A Proposed Undergraduate Bioinformatics Curriculum for Computer ScientistsSIGCSE '02 Proceedings of the 33rd SIGCSE Technical Symposium on Computer Science Education
Document TypeConference Proceeding
AbstractBioinformatics is a new and rapidly evolving discipline that has emerged from the fields of experimental molecular biology and biochemistry, and from the the artificial intelligence, database, and algorithms disciplines of computer science. Largely because of the inherently interdisciplinary nature of bioinformatics research, academia has been slow to respond to strong industry and government demands for trained scientists to develop and apply novel bioinformatics techniques to the rapidly-growing, freely-available repositories of genetic and proteomic data. While some institutions are responding to this demand by establishing graduate programs in bioinformatics, the entrance barriers for these programs are high, largely due to the significant amount of prerequisite knowledge in the disparate fields of biochemistry and computer science required to author sophisticated new approaches to the analysis of bioinformatics data. We present a proposal for an undergraduate-level bioinformatics curriculum in computer science that lowers these barriers.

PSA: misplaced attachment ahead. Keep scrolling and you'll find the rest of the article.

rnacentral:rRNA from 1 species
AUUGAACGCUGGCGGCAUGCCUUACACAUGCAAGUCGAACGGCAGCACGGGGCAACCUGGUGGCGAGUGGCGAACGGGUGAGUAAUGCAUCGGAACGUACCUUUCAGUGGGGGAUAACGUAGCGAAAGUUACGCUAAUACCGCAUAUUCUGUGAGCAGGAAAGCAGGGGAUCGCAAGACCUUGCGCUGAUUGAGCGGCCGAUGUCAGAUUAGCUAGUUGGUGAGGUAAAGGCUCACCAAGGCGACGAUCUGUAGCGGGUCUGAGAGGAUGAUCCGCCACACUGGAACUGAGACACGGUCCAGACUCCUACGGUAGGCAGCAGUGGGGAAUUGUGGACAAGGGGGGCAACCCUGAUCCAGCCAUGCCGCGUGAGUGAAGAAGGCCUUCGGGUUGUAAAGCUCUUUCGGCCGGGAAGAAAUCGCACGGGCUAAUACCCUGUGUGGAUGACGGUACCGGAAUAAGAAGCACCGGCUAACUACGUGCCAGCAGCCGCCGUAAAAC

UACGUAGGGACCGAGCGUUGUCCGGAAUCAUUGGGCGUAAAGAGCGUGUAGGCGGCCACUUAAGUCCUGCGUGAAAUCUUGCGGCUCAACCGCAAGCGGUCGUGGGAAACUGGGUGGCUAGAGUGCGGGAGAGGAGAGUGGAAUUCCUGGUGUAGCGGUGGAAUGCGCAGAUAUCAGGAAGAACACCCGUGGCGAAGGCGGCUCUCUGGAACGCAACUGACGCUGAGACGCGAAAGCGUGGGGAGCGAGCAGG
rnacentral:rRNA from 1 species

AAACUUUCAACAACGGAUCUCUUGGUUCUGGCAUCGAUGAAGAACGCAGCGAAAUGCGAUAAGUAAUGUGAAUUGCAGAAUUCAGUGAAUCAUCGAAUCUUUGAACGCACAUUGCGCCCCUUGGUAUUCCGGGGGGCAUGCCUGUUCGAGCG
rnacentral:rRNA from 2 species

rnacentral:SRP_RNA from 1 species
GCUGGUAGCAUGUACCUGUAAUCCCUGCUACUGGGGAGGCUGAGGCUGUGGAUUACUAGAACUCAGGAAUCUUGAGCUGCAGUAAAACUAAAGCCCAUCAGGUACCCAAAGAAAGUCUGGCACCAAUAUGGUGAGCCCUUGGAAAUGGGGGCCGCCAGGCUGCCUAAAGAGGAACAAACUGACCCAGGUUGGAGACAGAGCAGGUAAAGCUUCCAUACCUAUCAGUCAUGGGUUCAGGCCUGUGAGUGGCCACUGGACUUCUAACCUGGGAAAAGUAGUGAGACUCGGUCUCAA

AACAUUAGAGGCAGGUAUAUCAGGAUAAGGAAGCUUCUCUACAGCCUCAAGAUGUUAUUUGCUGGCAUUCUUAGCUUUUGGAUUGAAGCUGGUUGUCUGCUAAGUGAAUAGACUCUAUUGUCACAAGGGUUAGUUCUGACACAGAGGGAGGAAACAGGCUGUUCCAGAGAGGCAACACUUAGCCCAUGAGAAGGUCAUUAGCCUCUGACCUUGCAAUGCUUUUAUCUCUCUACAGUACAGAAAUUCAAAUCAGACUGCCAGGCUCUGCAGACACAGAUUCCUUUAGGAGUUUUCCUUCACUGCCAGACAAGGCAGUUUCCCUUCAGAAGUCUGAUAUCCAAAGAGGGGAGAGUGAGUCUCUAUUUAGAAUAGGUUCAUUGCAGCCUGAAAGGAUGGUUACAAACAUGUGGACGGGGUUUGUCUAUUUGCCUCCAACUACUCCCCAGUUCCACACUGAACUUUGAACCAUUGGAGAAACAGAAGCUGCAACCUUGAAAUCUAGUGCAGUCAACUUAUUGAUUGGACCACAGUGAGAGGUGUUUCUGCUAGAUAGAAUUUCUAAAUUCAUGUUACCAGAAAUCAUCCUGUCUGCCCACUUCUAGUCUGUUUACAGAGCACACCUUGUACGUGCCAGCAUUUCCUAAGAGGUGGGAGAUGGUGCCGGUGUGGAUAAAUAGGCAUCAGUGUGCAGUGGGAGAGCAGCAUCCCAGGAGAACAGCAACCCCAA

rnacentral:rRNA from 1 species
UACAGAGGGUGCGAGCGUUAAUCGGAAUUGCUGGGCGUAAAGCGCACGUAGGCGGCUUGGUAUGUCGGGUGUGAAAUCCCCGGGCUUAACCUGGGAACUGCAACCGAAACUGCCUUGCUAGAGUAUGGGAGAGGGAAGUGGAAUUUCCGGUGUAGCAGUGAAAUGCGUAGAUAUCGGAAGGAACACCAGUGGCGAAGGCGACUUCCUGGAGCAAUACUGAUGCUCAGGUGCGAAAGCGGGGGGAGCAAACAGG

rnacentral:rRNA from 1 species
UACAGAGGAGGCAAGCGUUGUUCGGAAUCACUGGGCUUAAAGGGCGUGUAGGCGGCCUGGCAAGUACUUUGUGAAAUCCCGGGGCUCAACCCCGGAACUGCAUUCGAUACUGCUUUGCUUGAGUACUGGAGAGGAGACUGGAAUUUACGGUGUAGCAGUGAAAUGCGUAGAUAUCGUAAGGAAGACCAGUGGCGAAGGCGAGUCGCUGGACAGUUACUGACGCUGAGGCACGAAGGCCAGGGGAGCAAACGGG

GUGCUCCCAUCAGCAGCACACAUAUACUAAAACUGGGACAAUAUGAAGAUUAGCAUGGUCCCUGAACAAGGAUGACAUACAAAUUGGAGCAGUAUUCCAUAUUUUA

Citation InformationTravis E. Doom, Michael L. Raymer, Dan E. Krane and Oscar Garcia. "A Proposed Undergraduate Bioinformatics Curriculum for Computer Scientists" SIGCSE '02 Proceedings of the 33rd SIGCSE Technical Symposium on Computer Science Education Vol. 34 Iss. 1 (2002) p. 78 - 81 ISSN: 1-58113-473-8
Available at: http://works.bepress.com/michael_raymer/36/